In this movie, it was quite clear how invested Andy was in the role of Hou. The emotional scene where he cut off his hair in that one take (maybe he was channelling Britney Spears.... maybe not... ) was very convincing. And Red Dot Diva certainly also gives Andy credit for delivering the goods with his well-rehearsed Shaolin Seven-Star Fist sequence.

Red Dot Diva, however, did not appreciate the portrayal of the evil younger Cao by Nicholas Tse. Nicholas performed Cao in the most caricatured manner with over-acted tics and twisted postures. Instead of menacing, it was almost funny. And not in a very good way.

And poor Fang Bing Bing was the token female in an action-filled movie ... yet again. Nothing much else could be said about the role of a "rich man's wife".

With these disappointing performances, it was therefore, refreshing for Red Dot Diva to watch the martial arts actor Wu Jing do this thing as Jing Neng, the Shaolin "big brother" monk. Wu Jing certainly didn't fail to show his athletic prowess in his action scenes. Besides Red Dot Diva thinks he's rather cute.

And what about Jackie Chan's cameo as Wu Dao? As expected, Jackie provided the comedic relief in the rather sombre film. It was a good thing his funny moments in "Shaolin" was balanced with an introspective side story concerning Wu's own personal journey and purpose. But at times, Jackie's segments do seem a little out of place with the general tone of the movie.

Having worked with Jackie before and knowing that his performance works best with various props, Benny put Jackie into good use with a fantastic fight sequence involving giant woks and erm... a big wooden spatula.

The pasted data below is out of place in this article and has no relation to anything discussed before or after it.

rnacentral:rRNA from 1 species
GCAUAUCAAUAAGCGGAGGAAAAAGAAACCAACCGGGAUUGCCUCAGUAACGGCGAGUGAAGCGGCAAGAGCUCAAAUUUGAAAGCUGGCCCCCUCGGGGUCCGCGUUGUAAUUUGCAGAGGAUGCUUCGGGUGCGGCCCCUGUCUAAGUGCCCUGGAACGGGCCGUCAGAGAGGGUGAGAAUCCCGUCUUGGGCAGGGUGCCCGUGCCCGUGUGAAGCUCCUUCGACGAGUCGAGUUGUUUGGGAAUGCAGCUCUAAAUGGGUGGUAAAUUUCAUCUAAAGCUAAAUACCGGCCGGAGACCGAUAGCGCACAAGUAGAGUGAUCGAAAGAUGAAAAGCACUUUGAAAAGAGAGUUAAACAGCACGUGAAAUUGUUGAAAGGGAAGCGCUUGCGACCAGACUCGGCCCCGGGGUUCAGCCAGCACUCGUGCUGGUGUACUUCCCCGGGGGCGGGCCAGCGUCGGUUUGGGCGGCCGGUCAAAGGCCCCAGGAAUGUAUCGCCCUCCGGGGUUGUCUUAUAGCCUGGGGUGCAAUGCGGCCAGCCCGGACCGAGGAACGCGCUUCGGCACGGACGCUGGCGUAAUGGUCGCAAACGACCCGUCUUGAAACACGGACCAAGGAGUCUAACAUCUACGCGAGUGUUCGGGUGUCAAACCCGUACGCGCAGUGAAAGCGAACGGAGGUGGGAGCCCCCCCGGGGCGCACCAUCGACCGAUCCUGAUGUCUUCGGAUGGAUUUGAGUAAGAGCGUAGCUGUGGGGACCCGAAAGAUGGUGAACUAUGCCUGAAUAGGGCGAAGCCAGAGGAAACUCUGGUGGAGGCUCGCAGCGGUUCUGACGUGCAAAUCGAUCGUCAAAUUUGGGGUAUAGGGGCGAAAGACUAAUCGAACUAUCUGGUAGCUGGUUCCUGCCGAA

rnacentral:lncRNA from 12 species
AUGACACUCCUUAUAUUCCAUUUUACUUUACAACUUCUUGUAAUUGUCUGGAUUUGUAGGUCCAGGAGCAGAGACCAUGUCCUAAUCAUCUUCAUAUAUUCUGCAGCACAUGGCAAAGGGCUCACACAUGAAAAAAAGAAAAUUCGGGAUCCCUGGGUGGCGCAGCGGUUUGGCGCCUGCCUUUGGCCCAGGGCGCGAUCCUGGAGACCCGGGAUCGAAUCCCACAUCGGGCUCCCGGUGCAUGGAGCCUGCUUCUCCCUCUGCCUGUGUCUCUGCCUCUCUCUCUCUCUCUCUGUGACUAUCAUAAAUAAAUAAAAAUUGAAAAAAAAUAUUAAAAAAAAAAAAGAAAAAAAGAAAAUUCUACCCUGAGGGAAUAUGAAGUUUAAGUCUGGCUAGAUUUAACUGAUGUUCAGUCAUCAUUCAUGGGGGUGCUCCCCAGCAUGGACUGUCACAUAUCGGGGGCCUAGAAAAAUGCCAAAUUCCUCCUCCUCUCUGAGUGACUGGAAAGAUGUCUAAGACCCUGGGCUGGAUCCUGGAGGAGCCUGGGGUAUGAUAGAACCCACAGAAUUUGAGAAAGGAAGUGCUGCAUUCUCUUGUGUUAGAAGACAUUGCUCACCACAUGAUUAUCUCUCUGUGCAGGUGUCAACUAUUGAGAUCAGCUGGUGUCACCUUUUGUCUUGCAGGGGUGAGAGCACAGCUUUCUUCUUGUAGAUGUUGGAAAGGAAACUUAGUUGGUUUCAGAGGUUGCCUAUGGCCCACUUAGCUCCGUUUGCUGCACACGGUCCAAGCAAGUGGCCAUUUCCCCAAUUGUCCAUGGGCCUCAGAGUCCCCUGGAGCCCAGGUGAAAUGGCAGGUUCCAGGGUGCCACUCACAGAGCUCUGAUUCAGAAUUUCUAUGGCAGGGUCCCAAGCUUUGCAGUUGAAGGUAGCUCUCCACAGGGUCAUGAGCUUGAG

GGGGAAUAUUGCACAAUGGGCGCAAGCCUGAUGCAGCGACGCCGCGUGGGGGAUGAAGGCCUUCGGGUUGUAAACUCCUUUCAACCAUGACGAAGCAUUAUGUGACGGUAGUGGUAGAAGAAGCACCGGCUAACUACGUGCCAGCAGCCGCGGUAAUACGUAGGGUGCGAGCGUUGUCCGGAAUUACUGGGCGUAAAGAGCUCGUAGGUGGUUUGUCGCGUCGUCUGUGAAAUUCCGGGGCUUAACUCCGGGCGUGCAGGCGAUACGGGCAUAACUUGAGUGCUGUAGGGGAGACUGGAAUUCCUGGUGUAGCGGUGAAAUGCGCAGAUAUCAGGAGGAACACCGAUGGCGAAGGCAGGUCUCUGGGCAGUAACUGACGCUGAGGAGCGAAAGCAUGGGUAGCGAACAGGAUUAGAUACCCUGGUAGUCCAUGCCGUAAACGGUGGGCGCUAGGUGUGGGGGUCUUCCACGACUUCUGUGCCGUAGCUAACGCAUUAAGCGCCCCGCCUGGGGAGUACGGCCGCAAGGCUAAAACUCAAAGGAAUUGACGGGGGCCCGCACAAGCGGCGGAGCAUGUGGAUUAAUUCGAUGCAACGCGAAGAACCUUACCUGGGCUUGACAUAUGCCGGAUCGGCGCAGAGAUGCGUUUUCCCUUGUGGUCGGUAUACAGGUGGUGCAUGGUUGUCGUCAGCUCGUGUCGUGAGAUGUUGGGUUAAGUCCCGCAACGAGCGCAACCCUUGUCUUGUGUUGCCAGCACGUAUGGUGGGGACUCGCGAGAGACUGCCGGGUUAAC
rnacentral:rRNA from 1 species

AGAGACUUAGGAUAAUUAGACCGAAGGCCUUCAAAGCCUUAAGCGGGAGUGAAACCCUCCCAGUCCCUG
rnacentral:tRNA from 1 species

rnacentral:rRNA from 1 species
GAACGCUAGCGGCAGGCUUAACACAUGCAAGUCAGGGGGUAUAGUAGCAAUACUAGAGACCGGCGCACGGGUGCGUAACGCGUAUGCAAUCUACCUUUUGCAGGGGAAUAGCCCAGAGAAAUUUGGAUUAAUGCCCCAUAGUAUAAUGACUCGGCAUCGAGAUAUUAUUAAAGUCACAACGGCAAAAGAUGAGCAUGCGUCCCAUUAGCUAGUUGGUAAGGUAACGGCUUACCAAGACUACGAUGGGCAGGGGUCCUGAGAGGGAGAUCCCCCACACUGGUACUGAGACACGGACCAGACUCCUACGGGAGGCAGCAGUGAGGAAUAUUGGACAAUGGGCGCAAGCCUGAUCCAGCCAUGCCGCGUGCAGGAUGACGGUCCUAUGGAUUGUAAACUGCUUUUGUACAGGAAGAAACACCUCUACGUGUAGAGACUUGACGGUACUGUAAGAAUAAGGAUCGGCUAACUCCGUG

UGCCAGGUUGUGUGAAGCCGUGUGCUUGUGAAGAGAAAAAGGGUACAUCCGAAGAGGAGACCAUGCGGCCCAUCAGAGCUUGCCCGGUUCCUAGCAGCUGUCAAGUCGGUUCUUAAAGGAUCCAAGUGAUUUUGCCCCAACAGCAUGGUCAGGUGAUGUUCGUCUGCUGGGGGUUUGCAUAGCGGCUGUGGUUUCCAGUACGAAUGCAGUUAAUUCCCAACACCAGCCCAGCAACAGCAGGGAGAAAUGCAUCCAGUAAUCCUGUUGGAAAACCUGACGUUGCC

So, with all this in mind, Red Dot Diva chants a Zen-like Red Dot on the latest incarnation of the "Shaolin" movie.

The stunning rural scenery and the 1,500-year-old Shaolin temple certainly helped to create a handsome kind of melacholy to the movie. The set details and the costumes were wonderful. It was surely a feast for the eyes.

Director Benny Chan is known for his action movies but when it comes to emotional scenes, Benny can be touch and go. But after watching "Shaolin", Red Dot Diva thought Benny Chan came through with a rather satisfying kung fu film.

She still suspects that the movie was made for a longer running time. Some segments seem to have been edited rather oddly and the flow seems uneven in some places. Also, if one notices, there was another actress in a previously-shown trailer who never appeared in the movie!

Even though there were all that blood and violence, "Shaolin" is essentially a tale about redemption and forgiveness, and... karma. The Shaolin kung-fu was shown to be used as a line of defense with harmony and non-violence profferred first and foremost.

A suitable reminder and notion for these current times - with a peaceful protest that happened in Egypt and with moves for democracy now rippling through most of Middle-East.

Yes, Red Dot Diva agrees that there was the very annoying and stereotypical use of "white foreigners" as the token bad guys, and the movie took a formulaic turn towards the third act.

Still, despite its flaws, "Shaolin" is an entertaining kung-fu movie with heart, and somehow, Red Dot Diva walked away from the theatre hall admitting that it had a spiritually-freeing quality to it.


For those who want to check out the movie, here's a trailer!

No comments:

Post a Comment